Although there is no scenario in the rulebook for Shadow of the Demon Lord, the first RPG released by Schwalb Entertainment following a successful Kickstarter campaign, one of the excellent decisions upon the part of the designer has been to release support—and release it early—in the form of scenarios for the game. This way a gaming group can get playing quickly, even if they are just using the core rules presented in Victims of the Demon Lord: Starter Guide and an adventure. In addition, the publisher has also released Tales of the Demon Lord, a complete mini-campaign that takes a party of characters from Zero Level up to Eleventh Level. In the meantime, the twelfth adventure is The Measure of a Man.
The Measure of a Man is the second adventure written for characters who have entered the Master Path, that is of Seventh Level or higher. It is written by Scott Fitzgerald Gray, a regular contributor to both Dragon and Dungeon magazines, and comes as a six page, 12.28 MB PDF. Physically, The Measure of a Man is decently presented and whilst the scenario is decently written, the GM will need to give it a very careful read through as the situation it sets up is adult in tone. Not just because it is a bloody horror scenario, but because it is also flagrantly misogynistic—arguably to a farcical degree—and its bloody horror does focus upon one single body part.
The scenario is setting neutral and can be placed in any relatively remote location. Wherever the location, it is the site of the Vault of Hope, a depository of knowledge, art, and culture built in the face of the growing influence of the Demon Lord as his arrival draws near. As the museum’s collection has grown, so has its reputation, making it attractive to both scholars and thieves. The former for its research possibilities, the latter for its riches, though the museum’s clockwork guardians are more than a match for would-be thieves.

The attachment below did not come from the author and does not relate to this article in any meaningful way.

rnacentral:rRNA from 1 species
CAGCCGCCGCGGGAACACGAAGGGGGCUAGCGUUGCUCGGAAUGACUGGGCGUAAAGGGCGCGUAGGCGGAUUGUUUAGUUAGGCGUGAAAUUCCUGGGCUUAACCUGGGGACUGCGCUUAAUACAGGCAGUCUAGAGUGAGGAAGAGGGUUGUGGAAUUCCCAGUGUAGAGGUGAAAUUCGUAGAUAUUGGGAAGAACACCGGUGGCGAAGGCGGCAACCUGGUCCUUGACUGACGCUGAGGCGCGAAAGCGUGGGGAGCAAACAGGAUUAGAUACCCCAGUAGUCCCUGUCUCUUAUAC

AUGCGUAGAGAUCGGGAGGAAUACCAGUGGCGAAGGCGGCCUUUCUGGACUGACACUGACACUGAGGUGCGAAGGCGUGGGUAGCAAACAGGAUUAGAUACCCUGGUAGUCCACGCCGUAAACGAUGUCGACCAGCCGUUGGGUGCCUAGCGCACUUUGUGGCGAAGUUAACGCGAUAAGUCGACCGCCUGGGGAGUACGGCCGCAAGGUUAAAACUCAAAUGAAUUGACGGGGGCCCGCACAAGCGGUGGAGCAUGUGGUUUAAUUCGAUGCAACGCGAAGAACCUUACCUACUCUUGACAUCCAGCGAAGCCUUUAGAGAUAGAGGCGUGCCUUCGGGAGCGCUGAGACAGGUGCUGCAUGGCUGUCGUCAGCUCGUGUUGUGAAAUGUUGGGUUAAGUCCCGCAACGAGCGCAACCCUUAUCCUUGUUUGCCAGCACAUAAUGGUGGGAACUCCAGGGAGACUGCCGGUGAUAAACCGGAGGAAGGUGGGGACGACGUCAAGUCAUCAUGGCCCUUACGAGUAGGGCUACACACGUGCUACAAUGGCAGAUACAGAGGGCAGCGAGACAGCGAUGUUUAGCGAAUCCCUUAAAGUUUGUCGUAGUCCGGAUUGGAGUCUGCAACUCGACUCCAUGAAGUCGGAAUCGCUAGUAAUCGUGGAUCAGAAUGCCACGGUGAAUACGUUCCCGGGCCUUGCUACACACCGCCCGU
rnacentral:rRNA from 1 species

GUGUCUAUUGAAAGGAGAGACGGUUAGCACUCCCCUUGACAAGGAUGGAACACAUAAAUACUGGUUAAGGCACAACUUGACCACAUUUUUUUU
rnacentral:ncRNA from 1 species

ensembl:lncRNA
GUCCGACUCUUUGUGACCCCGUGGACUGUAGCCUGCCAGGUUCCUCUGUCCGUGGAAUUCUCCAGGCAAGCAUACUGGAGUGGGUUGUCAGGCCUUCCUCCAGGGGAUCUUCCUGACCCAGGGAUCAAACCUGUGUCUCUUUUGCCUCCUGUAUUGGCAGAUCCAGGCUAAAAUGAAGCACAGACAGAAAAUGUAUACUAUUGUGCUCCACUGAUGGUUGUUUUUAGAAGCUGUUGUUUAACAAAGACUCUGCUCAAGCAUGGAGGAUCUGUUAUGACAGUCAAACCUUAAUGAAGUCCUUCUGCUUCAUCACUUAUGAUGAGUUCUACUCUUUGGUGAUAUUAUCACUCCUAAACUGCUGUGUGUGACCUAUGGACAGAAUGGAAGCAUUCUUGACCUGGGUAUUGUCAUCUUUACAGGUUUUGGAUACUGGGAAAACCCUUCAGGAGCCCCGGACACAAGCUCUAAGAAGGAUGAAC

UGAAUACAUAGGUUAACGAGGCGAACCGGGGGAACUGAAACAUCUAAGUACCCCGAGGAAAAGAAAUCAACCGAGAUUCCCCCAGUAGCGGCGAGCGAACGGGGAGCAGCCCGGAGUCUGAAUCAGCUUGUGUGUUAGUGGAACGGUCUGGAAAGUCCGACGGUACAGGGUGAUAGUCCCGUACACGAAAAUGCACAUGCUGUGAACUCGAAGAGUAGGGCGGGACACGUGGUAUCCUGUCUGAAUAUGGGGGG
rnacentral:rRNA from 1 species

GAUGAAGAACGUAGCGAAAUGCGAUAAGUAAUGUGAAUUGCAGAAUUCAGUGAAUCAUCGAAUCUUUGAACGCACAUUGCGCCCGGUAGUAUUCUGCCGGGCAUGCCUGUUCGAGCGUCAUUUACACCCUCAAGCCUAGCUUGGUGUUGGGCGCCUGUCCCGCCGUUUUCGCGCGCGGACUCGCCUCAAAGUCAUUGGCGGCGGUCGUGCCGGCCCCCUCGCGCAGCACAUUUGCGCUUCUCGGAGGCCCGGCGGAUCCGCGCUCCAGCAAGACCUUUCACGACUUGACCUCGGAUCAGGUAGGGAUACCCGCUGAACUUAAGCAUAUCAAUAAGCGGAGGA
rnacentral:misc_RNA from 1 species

As The Measure of a Man opens, the player characters are making their way to the Vault of Hope. Perhaps they need to visit it to conduct research, to deposit an important artefact , or even request the use of one, and this can be either for themselves, or behalf of a patron such as a sage or a noble. En route they are beset by a band of ridiculously attired cultists—and this in age of impending decline, dissolution, and doom when perhaps for many of the rich and the nobility, getting dressed up in ridiculous attire and living it up, seems the only thing to do. In fact the cultists are ridiculously unattired, but nevertheless fanatically keen on pressing their beliefs upon the party. The resulting bloodbath is ridiculously pointless…
Unfortunately, things are only going to get worse, for once the party reaches the Vault of Hope, it finds the museum in disarray, its rooms and purpose suborned and twisted by sybaritic misogynists. The underground facilities are home to more dangerous threats than those cultists, including their leader, a camp creation more akin to a super villain of an underground comic. To say more would ruin the scenario.
The Measure of a Man is a dungeon-bash through and through, though one with adult themes and imagery. It is also somewhat silly. Now there is nothing wrong in that and there will be playing groups who will find this adventure to be fun. After all, how many adventures are there in which the primary enemies will literally be waving their members in the air? There is no doubt that this will make The Measure of a Man a more than memorable adventure, but its adult themes and silliness do mean that it might not be for the right reasons.